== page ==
A decade after the 3-11 earthquake, tsunami and nuclear incident, all Japanese products in the affected areas have an open path to the United States
It has now been more than ten years since the enormous earthquake and tsunami that hit Japan on March 11, 2011, and although life has returned to normal in most countries, the effects of that tragic day are still being felt in northeastern Japan. Tohoku region, where disasters were concentrated. However, a big step on the road to recovery was taken this week, with the announcement that the United States has removed all restrictions on imports of agricultural products from the Tohoku and Kanto regions (eastern Japan).
The restrictions were put in place following the nuclear accidents at the Fukushima Daiichi nuclear power plant, which was damaged during disasters, as a precaution against possible radioactive contamination of local products and animals. About 100 items, such as rice and mushrooms, from a total of 14 prefectures have been banned from importing into the United States
The decision to lift the import bans was taken by the United States Food and Drug Administration, which posted a statement on its website on Sept. 21 (U.S. time), saying:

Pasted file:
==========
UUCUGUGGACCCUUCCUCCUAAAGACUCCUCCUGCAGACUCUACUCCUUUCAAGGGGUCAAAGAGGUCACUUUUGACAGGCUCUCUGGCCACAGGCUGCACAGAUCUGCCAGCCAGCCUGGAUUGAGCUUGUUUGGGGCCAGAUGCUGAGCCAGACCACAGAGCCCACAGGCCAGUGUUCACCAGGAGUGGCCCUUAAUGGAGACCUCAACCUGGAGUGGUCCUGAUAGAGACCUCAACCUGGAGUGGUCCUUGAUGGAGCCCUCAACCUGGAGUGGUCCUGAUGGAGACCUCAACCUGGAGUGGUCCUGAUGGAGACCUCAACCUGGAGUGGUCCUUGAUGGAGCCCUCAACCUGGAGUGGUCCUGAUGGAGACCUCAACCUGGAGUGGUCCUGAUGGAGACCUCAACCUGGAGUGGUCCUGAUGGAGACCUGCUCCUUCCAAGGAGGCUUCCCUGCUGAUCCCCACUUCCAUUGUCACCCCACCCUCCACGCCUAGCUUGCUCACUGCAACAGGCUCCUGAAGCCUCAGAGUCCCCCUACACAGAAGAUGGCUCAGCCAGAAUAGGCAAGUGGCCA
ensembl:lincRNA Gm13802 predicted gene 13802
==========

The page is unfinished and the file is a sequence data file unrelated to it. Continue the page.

“After a thorough analysis of Japan’s robust control measures which include decontamination, monitoring and enforcement; after reviewing the results of 10 years of sampling food products from Japan; and after determining a very low risk to US consumers of radioactively contaminated food imported from Japan, the FDA decided that the [import restrictions are] is no longer necessary to protect public health.
The FDA also stressed that it remains diligent in assessing the safety of new Japanese agricultural products through a combination of the effects of compliances in Japan and FDA oversight and sampling.
The United States is the world’s third largest importer of Japanese agricultural products, and while Americans may not be clamoring for rice grown in Japan, Japanese gourmet mushrooms, such as shiitake, are world famous. The prefecture’s pride in Fukushima peaches won praise from visiting US Olympic athletes last summer, and access to the US market should be an economic blessing for Tohoku farmers who still have to contend with the economic legacy. from 3-11. In addition, a spokesperson for the Japanese Ministry of Agriculture, Forestry and Fisheries expressed hope the US approval will give encouragement to the remaining five countries that still have bans in place for certain Japanese food items, such as close trading partners of Korea and China, to also consider lifting their restrictions.
Sources: Mainichi Shimbun Going through Yahoo! Japan News Going through Hachima Kiko, FDA, NHK News Web
Top image: Pakutaso (1, 2) (edited by SoraNews24)
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